Describe the symbolic significance of the Beast in the novel 'Lord of the Flies'.
The Beast in The Lord of the Flies represents the boy's fear.
The adult-less island is unknown and the boys fear the unknown. Coming from England, they have no experiences with what they find on the island. In the fire light and in the dark, ordinary things take on new and mysterious forms.
As children, we fear the dark because it hides, in our childlike minds, all the monsters that disappear in the light of day.
Whether he recognises this or not, Jack gets the upper hand. He appeals to the boy's fears and uses this to control them.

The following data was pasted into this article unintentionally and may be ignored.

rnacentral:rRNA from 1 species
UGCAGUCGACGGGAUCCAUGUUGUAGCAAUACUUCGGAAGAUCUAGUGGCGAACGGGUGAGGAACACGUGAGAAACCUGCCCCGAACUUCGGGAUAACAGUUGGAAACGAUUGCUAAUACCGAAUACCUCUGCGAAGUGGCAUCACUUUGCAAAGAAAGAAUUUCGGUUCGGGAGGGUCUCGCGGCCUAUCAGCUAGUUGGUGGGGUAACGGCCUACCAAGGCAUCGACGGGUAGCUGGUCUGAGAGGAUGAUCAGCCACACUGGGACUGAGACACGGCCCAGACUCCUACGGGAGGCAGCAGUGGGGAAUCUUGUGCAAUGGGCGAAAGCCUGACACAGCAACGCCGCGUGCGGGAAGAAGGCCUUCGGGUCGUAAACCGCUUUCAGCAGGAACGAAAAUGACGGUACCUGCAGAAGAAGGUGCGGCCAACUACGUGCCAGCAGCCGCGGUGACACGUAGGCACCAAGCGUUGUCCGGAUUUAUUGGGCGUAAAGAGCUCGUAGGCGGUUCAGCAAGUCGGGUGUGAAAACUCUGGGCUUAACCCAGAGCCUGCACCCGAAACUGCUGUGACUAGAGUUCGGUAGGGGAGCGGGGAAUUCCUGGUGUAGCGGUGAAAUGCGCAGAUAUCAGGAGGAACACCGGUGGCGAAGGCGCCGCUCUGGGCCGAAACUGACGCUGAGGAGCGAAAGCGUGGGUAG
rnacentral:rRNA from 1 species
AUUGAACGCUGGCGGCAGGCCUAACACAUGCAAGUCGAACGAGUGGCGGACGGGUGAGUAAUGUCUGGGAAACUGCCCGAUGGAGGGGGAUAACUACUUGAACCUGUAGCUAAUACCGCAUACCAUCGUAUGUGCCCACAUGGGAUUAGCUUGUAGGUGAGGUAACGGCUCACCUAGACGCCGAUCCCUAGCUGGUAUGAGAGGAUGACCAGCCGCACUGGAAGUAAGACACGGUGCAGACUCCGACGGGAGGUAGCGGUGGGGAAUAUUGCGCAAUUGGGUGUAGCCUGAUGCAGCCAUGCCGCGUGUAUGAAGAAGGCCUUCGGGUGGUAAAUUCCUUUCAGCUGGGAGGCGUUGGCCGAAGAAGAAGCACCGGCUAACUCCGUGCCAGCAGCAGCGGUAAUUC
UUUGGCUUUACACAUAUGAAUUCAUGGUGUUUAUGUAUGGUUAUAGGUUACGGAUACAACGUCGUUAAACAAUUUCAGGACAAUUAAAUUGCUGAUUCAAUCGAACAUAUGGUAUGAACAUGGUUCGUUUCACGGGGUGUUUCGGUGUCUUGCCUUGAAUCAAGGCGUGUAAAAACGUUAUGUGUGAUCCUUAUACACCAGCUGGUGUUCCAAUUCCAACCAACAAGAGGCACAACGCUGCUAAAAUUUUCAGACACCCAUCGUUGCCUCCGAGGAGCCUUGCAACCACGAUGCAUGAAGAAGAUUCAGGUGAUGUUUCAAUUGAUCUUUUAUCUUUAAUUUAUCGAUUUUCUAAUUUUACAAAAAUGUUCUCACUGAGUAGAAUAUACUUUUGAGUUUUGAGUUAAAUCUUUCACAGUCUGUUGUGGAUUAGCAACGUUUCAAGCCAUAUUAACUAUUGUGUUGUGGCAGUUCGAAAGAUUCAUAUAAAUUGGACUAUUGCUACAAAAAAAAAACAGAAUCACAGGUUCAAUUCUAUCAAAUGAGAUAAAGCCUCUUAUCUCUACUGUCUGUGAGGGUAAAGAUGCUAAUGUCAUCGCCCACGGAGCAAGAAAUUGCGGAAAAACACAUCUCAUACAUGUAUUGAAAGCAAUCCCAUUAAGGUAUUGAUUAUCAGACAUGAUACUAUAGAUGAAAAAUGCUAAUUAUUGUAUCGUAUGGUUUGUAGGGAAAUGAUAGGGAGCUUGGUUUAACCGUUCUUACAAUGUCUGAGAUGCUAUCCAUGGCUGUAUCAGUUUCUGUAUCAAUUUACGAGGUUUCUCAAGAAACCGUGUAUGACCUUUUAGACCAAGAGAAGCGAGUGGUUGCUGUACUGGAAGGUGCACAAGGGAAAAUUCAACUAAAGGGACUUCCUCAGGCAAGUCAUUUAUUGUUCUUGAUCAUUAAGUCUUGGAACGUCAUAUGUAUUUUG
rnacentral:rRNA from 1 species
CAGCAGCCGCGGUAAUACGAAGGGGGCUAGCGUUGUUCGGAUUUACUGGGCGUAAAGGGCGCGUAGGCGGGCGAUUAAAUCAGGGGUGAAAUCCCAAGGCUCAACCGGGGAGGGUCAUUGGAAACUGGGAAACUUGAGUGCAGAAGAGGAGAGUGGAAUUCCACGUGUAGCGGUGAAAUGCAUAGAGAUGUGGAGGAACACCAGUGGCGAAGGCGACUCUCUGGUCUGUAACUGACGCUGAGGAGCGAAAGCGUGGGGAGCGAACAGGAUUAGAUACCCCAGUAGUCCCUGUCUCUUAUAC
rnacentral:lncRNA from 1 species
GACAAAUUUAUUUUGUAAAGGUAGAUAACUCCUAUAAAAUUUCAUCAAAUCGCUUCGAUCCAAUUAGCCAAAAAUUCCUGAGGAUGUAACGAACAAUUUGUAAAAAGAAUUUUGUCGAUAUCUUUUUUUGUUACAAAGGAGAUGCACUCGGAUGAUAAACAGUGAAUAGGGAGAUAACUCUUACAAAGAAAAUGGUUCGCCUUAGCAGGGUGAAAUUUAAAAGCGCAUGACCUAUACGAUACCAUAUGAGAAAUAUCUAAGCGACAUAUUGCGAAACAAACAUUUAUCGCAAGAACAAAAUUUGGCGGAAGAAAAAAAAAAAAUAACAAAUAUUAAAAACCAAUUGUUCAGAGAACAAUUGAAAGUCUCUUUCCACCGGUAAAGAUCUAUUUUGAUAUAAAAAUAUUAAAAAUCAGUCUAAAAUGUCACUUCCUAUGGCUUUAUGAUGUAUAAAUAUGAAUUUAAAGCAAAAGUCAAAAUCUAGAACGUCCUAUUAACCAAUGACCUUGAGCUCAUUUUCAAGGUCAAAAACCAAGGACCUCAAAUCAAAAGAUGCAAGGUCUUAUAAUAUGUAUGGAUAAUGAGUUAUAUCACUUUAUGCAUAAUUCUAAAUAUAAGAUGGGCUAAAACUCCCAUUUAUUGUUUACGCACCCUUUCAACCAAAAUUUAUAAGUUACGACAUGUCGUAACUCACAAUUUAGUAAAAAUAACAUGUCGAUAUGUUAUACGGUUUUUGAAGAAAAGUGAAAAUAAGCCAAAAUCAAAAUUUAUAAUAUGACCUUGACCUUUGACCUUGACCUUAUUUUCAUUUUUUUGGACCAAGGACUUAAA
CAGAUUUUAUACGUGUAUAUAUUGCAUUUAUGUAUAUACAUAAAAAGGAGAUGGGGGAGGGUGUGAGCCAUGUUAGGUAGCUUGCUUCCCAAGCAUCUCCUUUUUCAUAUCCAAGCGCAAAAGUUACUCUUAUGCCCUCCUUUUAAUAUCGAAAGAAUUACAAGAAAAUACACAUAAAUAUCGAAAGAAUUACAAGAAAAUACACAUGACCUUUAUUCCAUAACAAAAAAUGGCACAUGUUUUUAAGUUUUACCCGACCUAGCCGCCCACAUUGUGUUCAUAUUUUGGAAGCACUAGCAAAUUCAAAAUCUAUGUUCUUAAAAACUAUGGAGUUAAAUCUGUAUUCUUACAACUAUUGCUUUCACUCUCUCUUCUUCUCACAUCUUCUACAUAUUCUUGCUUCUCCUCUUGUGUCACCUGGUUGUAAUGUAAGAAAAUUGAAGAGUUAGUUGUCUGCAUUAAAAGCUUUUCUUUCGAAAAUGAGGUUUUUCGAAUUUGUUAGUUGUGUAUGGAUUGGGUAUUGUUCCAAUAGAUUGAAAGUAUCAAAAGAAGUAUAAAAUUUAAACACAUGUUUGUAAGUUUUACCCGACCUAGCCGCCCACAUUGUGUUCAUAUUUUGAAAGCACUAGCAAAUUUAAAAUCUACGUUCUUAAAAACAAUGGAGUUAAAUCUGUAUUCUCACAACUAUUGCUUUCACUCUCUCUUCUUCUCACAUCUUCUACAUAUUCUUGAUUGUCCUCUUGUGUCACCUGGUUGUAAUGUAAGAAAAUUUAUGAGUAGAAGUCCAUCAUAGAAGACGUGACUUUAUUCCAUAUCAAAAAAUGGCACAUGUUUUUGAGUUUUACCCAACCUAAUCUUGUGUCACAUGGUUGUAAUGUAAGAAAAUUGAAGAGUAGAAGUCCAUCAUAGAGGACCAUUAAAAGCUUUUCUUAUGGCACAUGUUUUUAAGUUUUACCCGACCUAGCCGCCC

Ralph and Piggy understand that the beast exists in their minds but are unable to get the others to understand.
The boys give into these fears, offering sacrifices to the "Beast". They believe that if they give the Beast sacrifices, that the Beast will not harm them. At first they sacrifice the head of the wild boar but eventually Simon and Piggy are sacrificed. Ralph would also be the next victim if Jack and his tribe have their way.
For each boy the Beast is different. It is whatever they fear the most.